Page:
Red Testarossa by Ferrari Pininfarina: 385 HP
The Ferrari Testarossa (Type F110) is a 12-cylinder mid-engine sports car manufactured by Ferrari, which went into production in 1984 as the successor to the Ferrari Berlinetta Boxer. The Pininfarina-designed car was originally produced from 1984 until 1991, with two model revisions following the end of Testarossa production called the 512 TR and F512 M, which were produced from 1992 until 1996. Including revised variations, almost 10,000 cars in total were produced, making it at the time one of the most mass-produced Ferrari models.
The Testarossa is a two-door coupé that premiered at the 1984 Paris Auto Show. All versions of the Testarossa were available with a rear-mounted, five-speed manual transmission. The rear mid-engine design (engine between the axles but behind the cabin) keeps the centre of gravity in the middle of the car, which increases stability and improves the car’s cornering ability, and thus results in a standing weight distribution of 40% front: 60% rear.
The original Testarossa was re-engineered for the 1992 model year and was introduced as the 512 TR (TR meaning TestaRossa), at the Los Angeles Auto Show, effectively as a completely new car, and an improved weight distribution of 41% front, 59% rear. Another new variant called the F512 M was introduced at the 1994 Paris Auto Show. The car dropped the TR initials and added the M which in Italian stood for modificata, or translated to modified, and was the final version of the Testarossa, which continued its predecessor’s weight distribution improvement of 42% front, 58% rear. The F512 M was Ferrari’s last vehicle that featured the flat-12 engine.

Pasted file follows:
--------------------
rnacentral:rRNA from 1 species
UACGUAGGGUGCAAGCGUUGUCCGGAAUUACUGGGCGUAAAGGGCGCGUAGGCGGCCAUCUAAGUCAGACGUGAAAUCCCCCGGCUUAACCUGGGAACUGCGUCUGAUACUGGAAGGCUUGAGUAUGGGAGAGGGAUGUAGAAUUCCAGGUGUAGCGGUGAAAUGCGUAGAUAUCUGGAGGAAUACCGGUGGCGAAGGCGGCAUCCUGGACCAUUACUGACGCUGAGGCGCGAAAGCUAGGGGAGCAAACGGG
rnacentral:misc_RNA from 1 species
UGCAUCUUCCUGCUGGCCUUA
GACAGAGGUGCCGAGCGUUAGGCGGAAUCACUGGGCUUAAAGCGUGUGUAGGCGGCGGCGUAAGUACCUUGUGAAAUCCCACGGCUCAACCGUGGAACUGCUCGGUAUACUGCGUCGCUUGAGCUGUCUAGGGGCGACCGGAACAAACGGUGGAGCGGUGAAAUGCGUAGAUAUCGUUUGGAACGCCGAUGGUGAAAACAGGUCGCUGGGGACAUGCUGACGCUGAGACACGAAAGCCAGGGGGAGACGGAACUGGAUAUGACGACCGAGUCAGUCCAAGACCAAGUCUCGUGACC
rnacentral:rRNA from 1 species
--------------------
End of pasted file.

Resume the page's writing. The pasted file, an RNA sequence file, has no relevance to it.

The Testarossa is a recognized cultural icon of the 1980s, and was popularized by media including the 1984 television series Miami Vice (from the 1986 season onward) and Sega’s 1986 video game Out Run.
The Testarossa has a naturally aspirated 4.9 L (4,943 cc) longitudinally-mounted, Tipo F113 flat-12 engine. The engine has DOHC 4 valves per cylinder (48 valves in total) and is lubricated via a dry sump system. The engine has a compression ratio of 9.20:1.
These combine to provide a maximum power of 287 kW (390 PS; 385 hp) at 6,300 rpm and maximum torque of 490 N⋅m (361 lb⋅ft) at 4,500 rpm. Early U.S. versions of the car had the same engine, but had slightly less power, which stood at 283 kW (385 PS; 380 hp).
The Testarossa can accelerate from 0–100 km/h (62 mph) in 5.8 seconds and from 0–97 km/h (60 mph) in 5.2 seconds and on to 161 km/h (100 mph) in 11.4 seconds (though Motor Trend Magazine managed 5.29 seconds and 11.3 seconds, respectively).
It can complete a standing (from stationary) quarter mile ~1⁄4 mi (402 m) in 13.5 seconds and a standing kilometre in 23.8 seconds. The top speed of the Testarossa is estimated at 290 km/h (180 mph).